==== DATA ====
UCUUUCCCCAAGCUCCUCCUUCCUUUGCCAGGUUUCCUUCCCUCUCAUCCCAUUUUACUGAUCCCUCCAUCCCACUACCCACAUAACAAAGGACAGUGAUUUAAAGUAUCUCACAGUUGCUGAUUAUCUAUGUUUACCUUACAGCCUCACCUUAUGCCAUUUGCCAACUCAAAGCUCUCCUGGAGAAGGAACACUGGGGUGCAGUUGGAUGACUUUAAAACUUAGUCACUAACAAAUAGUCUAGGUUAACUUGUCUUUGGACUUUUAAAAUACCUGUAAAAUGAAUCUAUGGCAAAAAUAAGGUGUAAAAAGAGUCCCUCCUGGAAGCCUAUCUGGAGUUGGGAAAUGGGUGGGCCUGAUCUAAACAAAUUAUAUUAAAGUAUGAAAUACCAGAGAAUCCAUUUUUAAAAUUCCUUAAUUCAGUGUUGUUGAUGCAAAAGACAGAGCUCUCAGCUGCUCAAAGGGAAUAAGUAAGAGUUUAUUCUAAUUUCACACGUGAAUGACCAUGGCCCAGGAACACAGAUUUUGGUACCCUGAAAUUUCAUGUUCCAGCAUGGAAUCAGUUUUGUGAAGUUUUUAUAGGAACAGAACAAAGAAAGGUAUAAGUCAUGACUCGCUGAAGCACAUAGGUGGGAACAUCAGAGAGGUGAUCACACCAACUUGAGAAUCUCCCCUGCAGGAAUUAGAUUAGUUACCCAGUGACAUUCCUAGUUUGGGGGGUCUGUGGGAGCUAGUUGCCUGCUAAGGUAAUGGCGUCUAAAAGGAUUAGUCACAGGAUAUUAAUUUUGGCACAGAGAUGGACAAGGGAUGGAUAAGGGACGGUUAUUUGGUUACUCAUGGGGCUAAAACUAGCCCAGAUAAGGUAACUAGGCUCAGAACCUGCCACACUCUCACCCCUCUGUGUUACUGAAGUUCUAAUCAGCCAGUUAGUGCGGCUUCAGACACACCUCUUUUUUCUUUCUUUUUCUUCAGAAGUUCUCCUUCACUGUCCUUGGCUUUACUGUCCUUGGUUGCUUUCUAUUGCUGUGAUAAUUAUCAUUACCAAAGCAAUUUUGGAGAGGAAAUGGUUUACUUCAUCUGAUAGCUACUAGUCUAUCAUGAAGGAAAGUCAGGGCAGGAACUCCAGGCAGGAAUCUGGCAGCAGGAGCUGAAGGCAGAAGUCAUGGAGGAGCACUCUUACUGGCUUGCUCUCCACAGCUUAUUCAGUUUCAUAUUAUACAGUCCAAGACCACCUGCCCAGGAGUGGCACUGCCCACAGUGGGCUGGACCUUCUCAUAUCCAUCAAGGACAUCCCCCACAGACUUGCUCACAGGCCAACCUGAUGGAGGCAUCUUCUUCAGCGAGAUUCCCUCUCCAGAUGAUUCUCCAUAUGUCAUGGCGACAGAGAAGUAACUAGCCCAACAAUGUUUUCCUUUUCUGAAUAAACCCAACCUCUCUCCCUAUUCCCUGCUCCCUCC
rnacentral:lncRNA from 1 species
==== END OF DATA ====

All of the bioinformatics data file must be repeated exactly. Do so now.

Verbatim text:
UCUUUCCCCAAGCUCCUCCUUCCUUUGCCAGGUUUCCUUCCCUCUCAUCCCAUUUUACUGAUCCCUCCAUCCCACUACCCACAUAACAAAGGACAGUGAUUUAAAGUAUCUCACAGUUGCUGAUUAUCUAUGUUUACCUUACAGCCUCACCUUAUGCCAUUUGCCAACUCAAAGCUCUCCUGGAGAAGGAACACUGGGGUGCAGUUGGAUGACUUUAAAACUUAGUCACUAACAAAUAGUCUAGGUUAACUUGUCUUUGGACUUUUAAAAUACCUGUAAAAUGAAUCUAUGGCAAAAAUAAGGUGUAAAAAGAGUCCCUCCUGGAAGCCUAUCUGGAGUUGGGAAAUGGGUGGGCCUGAUCUAAACAAAUUAUAUUAAAGUAUGAAAUACCAGAGAAUCCAUUUUUAAAAUUCCUUAAUUCAGUGUUGUUGAUGCAAAAGACAGAGCUCUCAGCUGCUCAAAGGGAAUAAGUAAGAGUUUAUUCUAAUUUCACACGUGAAUGACCAUGGCCCAGGAACACAGAUUUUGGUACCCUGAAAUUUCAUGUUCCAGCAUGGAAUCAGUUUUGUGAAGUUUUUAUAGGAACAGAACAAAGAAAGGUAUAAGUCAUGACUCGCUGAAGCACAUAGGUGGGAACAUCAGAGAGGUGAUCACACCAACUUGAGAAUCUCCCCUGCAGGAAUUAGAUUAGUUACCCAGUGACAUUCCUAGUUUGGGGGGUCUGUGGGAGCUAGUUGCCUGCUAAGGUAAUGGCGUCUAAAAGGAUUAGUCACAGGAUAUUAAUUUUGGCACAGAGAUGGACAAGGGAUGGAUAAGGGACGGUUAUUUGGUUACUCAUGGGGCUAAAACUAGCCCAGAUAAGGUAACUAGGCUCAGAACCUGCCACACUCUCACCCCUCUGUGUUACUGAAGUUCUAAUCAGCCAGUUAGUGCGGCUUCAGACACACCUCUUUUUUCUUUCUUUUUCUUCAGAAGUUCUCCUUCACUGUCCUUGGCUUUACUGUCCUUGGUUGCUUUCUAUUGCUGUGAUAAUUAUCAUUACCAAAGCAAUUUUGGAGAGGAAAUGGUUUACUUCAUCUGAUAGCUACUAGUCUAUCAUGAAGGAAAGUCAGGGCAGGAACUCCAGGCAGGAAUCUGGCAGCAGGAGCUGAAGGCAGAAGUCAUGGAGGAGCACUCUUACUGGCUUGCUCUCCACAGCUUAUUCAGUUUCAUAUUAUACAGUCCAAGACCACCUGCCCAGGAGUGGCACUGCCCACAGUGGGCUGGACCUUCUCAUAUCCAUCAAGGACAUCCCCCACAGACUUGCUCACAGGCCAACCUGAUGGAGGCAUCUUCUUCAGCGAGAUUCCCUCUCCAGAUGAUUCUCCAUAUGUCAUGGCGACAGAGAAGUAACUAGCCCAACAAUGUUUUCCUUUUCUGAAUAAACCCAACCUCUCUCCCUAUUCCCUGCUCCCUCC
rnacentral:lncRNA from 1 species